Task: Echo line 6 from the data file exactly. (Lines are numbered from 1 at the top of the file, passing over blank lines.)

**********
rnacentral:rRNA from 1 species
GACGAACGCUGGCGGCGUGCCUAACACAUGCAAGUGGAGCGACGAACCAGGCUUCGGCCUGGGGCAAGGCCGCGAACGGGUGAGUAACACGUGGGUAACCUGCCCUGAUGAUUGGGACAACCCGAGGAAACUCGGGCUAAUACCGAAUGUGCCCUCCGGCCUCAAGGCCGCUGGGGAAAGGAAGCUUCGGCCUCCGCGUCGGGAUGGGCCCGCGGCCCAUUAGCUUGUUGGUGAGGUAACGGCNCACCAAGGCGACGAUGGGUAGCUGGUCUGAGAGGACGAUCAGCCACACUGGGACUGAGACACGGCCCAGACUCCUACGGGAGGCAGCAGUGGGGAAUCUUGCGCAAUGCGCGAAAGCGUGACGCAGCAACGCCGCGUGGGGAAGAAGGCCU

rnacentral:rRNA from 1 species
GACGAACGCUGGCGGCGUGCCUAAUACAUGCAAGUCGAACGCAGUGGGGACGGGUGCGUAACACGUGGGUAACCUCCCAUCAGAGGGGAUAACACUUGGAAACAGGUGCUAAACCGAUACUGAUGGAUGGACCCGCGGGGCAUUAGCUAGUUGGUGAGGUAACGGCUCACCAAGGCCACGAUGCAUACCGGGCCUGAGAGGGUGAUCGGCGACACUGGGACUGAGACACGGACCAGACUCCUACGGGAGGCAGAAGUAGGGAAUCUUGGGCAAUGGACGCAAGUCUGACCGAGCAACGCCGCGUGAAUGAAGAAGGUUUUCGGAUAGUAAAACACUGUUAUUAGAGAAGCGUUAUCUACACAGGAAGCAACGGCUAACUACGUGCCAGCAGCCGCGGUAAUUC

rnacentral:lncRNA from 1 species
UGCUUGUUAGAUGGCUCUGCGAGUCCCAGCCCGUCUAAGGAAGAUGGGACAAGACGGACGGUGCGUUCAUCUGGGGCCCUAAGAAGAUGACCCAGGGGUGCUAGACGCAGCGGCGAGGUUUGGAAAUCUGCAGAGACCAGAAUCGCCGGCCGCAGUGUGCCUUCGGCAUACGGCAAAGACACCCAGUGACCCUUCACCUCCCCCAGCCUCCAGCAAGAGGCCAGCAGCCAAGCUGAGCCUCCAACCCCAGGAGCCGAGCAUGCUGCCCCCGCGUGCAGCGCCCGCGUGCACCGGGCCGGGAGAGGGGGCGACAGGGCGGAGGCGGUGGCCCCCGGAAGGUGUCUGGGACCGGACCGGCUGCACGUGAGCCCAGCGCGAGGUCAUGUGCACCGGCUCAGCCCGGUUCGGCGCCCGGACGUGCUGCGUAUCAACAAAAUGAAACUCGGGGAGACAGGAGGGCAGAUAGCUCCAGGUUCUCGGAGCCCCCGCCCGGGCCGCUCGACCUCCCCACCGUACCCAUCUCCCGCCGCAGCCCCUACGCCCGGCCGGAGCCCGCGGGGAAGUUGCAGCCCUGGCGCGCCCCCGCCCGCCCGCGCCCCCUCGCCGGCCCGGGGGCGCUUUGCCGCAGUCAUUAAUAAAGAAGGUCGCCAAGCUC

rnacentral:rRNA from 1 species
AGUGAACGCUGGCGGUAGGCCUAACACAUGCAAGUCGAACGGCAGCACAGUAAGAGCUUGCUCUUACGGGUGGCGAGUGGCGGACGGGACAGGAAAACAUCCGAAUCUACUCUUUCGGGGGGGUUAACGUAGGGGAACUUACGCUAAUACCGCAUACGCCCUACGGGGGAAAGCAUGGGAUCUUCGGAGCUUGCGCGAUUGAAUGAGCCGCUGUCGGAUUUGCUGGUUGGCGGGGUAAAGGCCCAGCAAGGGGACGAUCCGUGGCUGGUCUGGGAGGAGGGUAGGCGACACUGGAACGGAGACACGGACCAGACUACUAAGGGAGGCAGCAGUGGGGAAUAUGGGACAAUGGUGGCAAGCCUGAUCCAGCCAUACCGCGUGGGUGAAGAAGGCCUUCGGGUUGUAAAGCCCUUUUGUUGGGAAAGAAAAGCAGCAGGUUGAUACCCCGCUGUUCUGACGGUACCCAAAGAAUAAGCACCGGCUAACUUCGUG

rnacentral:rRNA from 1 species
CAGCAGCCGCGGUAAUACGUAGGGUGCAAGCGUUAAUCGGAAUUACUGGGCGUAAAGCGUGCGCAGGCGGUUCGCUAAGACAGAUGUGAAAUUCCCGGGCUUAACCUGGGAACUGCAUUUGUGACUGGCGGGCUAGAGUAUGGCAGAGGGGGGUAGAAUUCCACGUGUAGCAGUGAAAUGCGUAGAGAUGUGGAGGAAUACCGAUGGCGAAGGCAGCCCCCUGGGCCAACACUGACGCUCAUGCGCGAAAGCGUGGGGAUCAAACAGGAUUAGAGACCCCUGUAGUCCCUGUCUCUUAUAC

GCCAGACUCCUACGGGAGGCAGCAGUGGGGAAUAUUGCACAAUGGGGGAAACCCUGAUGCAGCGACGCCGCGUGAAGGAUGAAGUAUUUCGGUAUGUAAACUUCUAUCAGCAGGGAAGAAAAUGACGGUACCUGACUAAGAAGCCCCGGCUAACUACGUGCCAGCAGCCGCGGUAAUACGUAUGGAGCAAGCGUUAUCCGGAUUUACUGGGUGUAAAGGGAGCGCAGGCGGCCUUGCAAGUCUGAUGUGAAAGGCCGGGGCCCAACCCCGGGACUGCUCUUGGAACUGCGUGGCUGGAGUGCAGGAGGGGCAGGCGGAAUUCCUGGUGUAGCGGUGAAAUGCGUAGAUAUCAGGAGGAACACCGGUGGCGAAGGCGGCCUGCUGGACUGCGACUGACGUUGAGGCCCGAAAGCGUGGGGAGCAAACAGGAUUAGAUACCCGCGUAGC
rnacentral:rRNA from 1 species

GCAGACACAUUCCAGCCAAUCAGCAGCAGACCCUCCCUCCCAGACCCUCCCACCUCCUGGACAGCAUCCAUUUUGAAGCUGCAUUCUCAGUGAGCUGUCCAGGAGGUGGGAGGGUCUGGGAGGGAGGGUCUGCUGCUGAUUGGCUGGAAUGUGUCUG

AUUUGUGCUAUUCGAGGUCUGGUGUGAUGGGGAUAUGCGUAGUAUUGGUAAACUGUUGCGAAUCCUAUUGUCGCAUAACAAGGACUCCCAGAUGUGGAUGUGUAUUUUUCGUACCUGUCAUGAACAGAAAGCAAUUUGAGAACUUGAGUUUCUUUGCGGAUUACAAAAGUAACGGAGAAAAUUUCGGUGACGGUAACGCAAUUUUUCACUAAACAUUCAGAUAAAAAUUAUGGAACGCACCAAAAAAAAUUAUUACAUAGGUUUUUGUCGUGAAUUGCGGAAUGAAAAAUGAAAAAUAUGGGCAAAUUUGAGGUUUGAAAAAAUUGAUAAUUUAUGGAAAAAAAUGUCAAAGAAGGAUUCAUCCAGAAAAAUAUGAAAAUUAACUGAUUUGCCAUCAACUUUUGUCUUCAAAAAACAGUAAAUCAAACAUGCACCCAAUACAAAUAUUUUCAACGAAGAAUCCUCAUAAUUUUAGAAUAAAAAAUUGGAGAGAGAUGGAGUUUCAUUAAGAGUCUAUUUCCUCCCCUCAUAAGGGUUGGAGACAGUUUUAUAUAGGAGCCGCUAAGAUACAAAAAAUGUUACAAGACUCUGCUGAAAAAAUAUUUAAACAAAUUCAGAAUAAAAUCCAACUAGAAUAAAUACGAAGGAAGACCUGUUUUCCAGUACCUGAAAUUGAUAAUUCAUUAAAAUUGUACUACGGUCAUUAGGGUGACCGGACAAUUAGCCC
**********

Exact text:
UGCUUGUUAGAUGGCUCUGCGAGUCCCAGCCCGUCUAAGGAAGAUGGGACAAGACGGACGGUGCGUUCAUCUGGGGCCCUAAGAAGAUGACCCAGGGGUGCUAGACGCAGCGGCGAGGUUUGGAAAUCUGCAGAGACCAGAAUCGCCGGCCGCAGUGUGCCUUCGGCAUACGGCAAAGACACCCAGUGACCCUUCACCUCCCCCAGCCUCCAGCAAGAGGCCAGCAGCCAAGCUGAGCCUCCAACCCCAGGAGCCGAGCAUGCUGCCCCCGCGUGCAGCGCCCGCGUGCACCGGGCCGGGAGAGGGGGCGACAGGGCGGAGGCGGUGGCCCCCGGAAGGUGUCUGGGACCGGACCGGCUGCACGUGAGCCCAGCGCGAGGUCAUGUGCACCGGCUCAGCCCGGUUCGGCGCCCGGACGUGCUGCGUAUCAACAAAAUGAAACUCGGGGAGACAGGAGGGCAGAUAGCUCCAGGUUCUCGGAGCCCCCGCCCGGGCCGCUCGACCUCCCCACCGUACCCAUCUCCCGCCGCAGCCCCUACGCCCGGCCGGAGCCCGCGGGGAAGUUGCAGCCCUGGCGCGCCCCCGCCCGCCCGCGCCCCCUCGCCGGCCCGGGGGCGCUUUGCCGCAGUCAUUAAUAAAGAAGGUCGCCAAGCUC